Of the Ranunculaceae family, clematis are considered the most cultivated climbing plants, with the largest number of varieties in terms of shape, size and colour. These may take the shape of waterfalls, garlands, bells, lanterns or tulips. Vigorous, lively and spectacular, clematis beautify walls and arbours throughout the year. From March to November, large and small flowers brighten up the garden with a true explosion of colours.

There are about 200 species of clematis, of which the choice will primarily depend on the colour, vigour, and flowering dates. Deciduous or evergreen, of varying sizes, shapes and colours, some species can grow to heights reaching between 3 and 30 feet (1 to 10 meters) and will thrive in gardens to create beautiful settings.

The varieties of clematis

Depending on its intended use -  in flowerbeds, to colour a hedge, as ground cover or as a climbing plant – the available choices range from white to purple tending to black, to yellow, to variations of pink, purple and red. This diversity can sometimes complicate the choice, especially when that difference only concerns a shade of colour. However, some popular species have emerged as the undisputed stars. Among the most well-known species, one can cite the purple kinds such as ‘The President’ and ‘Lawsoniana’, the pink ones such as ‘Dr. Ruppel’ ‘Nelly Moser’ or’ Bee’s Jubilee ‘, and those in the red tones like ‘ Ville de Lyon’ and ‘Niobe’. Around the world, horticulturists have developed specimens that have unusual shapes and colours.

Depending on the season, different species will bloom. In spring, the small pink flowers of Anemone Clematis (Clematis montana) start emerging. The summer varieties are the most popular ones, as illustrated by the beautiful Clematis lanuginosa that brightens up our gardens with its large corrolas. In autumn, the Golden Clematis (Clematis tangutica) continues to illuminate gardens with its unique yellow colour, deploying its vigorous vines, before producing feathery fruit that create a beautiful visual effect. In winter, fern-leaved Clematis (Clematis cirrhosa) withstands the cold to complete its bloom and produce bell-shaped flowers. Some seem to play hide and seek, disappearing to better reappear, as is the case of Clematis ‘Hagley Hybrid’ which blooms a first time in May-June, then again in September.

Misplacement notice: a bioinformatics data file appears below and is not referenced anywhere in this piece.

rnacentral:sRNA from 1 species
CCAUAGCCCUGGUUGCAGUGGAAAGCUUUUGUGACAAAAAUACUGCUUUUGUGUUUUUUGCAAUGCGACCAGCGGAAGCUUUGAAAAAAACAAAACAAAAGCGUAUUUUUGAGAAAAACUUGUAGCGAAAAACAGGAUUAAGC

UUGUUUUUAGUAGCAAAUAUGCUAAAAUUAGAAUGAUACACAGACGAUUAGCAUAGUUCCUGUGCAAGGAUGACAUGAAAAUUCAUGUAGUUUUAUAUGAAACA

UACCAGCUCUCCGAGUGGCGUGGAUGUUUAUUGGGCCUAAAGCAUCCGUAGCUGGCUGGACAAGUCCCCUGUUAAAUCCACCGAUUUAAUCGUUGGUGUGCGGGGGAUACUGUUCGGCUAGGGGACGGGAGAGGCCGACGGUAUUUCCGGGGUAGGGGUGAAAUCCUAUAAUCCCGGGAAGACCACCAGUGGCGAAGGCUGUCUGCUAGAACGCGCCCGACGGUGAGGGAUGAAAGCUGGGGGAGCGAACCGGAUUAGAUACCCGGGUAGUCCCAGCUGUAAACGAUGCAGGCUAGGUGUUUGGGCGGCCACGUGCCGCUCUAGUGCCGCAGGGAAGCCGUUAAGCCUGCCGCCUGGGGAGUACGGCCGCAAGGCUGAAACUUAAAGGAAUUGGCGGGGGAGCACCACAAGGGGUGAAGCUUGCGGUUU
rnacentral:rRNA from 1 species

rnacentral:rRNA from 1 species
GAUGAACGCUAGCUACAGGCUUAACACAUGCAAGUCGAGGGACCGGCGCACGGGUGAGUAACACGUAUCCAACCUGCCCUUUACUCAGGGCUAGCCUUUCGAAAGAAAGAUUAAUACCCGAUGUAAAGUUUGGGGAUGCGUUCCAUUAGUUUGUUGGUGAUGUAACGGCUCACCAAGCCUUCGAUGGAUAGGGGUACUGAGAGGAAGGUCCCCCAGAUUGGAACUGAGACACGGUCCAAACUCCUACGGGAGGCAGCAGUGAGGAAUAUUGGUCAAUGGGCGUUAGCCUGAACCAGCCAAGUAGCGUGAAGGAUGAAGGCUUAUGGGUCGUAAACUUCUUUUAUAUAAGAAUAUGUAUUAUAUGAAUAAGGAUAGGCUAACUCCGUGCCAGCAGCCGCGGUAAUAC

Purchasing and planting clematis

The stems must be healthy, injury free, with lush green leaves. The preferred seedlings are branched at the base, have at least three stems, as well as strong and numerous roots.

They are to be planted in light, fertile and not too calcareous soil in spring to avoid the frosting period. Planting itself is carried out by digging holes large enough to accommodate shrubs, leaving a distance of 16 to 20 inches (40 to 50 cm) between seedlings in all directions in a mixture of peat and potting soil. When planting the root ball, tilt it towards its support. Then, bring the stems back along that support and attach them to help them grow. At the bottom, set up a layer of gravel, of which the thickness is 1.5 to 2 inches (4 to 5 cm) and which will act as a drainage layer. This system will allow the plant to thrive, as water represents a major element in its growth. If the clematis love the sun, it is nevertheless necessary to protect its base against direct rays that might burn it, either by using a tile or a layer of mulch.

These plants grow perfectly alongside a bush, against a wall, on a pergola, pole or arbour, or on a trellis being held up by a stake, fence or by leaning on other shrubs. Clematis combine very well with roses, honeysuckles and shrubs that have colourful foliage, as long as a harmony of colours is ensured.

Maintenance of clematis

The first key point to remember is to provide abundant watering to prevent the plants from wilting, especially in heavy soils where drainage may be more difficult. Otherwise, the main enemy of clematis is Phoma clematidina. Within hours, this fungus completely asphyxiates an apparently healthy plant that curls up until it dries completely. This disease mainly affects large-leaved species, while those with small flowers are spared. Vigilance is still the best medicine to uproot the plant on time and to identify the lesions and diseased parts needing to be removed, before replanting the stump in new potting soil.

On a daily basis, removing withered stems and flowers encourages the emergence of flowers and maintains the plant in good sanitary condition, except for species of which the fruits’ feathery bristles constitute a decorative asset. In summer, clematis need fertilizing, but one must avoid providing them with excessive nitrogen supplies.

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Published in Climbing plants by Alexander on 31 Aug 2011